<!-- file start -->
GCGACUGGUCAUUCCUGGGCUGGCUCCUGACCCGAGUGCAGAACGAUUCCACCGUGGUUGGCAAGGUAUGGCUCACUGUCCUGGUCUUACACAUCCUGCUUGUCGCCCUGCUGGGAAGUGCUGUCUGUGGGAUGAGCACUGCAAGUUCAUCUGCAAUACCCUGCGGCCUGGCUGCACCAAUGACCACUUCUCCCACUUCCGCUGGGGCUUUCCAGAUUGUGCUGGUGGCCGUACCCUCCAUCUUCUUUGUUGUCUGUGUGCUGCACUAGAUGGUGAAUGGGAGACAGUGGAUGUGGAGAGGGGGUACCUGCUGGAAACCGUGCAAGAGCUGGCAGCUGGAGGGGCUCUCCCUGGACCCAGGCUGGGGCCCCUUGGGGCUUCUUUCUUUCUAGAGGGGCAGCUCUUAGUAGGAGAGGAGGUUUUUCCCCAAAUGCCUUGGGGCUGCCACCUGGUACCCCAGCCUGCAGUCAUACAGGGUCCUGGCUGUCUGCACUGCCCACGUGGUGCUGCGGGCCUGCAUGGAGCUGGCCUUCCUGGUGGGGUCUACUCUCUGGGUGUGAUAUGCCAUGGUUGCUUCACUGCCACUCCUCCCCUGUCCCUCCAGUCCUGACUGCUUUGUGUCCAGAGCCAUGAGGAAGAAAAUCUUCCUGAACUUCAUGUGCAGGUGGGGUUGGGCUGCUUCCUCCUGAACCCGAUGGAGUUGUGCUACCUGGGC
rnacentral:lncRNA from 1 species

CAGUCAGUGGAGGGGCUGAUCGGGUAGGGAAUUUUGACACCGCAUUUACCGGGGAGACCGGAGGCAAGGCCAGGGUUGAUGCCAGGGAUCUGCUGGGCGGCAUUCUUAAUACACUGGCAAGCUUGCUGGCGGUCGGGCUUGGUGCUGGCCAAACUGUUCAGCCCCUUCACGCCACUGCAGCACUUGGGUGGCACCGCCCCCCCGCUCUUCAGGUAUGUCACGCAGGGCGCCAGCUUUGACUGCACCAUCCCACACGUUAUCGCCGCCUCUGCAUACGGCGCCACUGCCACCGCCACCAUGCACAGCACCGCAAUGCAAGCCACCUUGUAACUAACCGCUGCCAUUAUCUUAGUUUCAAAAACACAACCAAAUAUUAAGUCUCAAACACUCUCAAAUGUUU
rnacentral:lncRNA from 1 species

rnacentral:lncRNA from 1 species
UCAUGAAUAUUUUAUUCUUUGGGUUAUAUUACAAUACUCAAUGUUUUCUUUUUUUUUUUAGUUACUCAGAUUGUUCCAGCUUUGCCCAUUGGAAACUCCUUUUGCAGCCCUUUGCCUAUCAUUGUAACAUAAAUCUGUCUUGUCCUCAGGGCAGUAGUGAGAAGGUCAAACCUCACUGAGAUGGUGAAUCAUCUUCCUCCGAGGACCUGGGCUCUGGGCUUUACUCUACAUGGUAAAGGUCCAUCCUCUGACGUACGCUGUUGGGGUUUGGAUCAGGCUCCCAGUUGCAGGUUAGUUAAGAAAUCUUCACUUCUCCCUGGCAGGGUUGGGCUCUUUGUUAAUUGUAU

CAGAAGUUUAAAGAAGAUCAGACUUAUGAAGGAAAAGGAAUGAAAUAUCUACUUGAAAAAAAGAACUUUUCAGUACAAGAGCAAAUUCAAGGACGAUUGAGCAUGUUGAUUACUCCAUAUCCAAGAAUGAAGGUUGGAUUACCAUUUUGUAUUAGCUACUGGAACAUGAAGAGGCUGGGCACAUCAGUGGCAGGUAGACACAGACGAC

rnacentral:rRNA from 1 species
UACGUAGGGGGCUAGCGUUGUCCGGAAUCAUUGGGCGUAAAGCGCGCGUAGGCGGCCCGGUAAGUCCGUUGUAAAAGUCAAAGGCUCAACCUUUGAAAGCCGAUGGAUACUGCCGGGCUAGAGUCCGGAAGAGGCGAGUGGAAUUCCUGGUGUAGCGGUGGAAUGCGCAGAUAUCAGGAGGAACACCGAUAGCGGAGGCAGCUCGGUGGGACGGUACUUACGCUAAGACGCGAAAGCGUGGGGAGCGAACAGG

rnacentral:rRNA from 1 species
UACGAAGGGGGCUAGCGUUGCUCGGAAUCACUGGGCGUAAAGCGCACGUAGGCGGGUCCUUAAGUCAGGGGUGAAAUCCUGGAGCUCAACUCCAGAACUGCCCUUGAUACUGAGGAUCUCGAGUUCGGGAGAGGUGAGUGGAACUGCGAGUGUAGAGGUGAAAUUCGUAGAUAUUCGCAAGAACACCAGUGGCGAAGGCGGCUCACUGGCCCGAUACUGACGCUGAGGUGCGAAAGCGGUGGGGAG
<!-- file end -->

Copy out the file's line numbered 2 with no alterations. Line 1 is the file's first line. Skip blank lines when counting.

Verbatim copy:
rnacentral:lncRNA from 1 species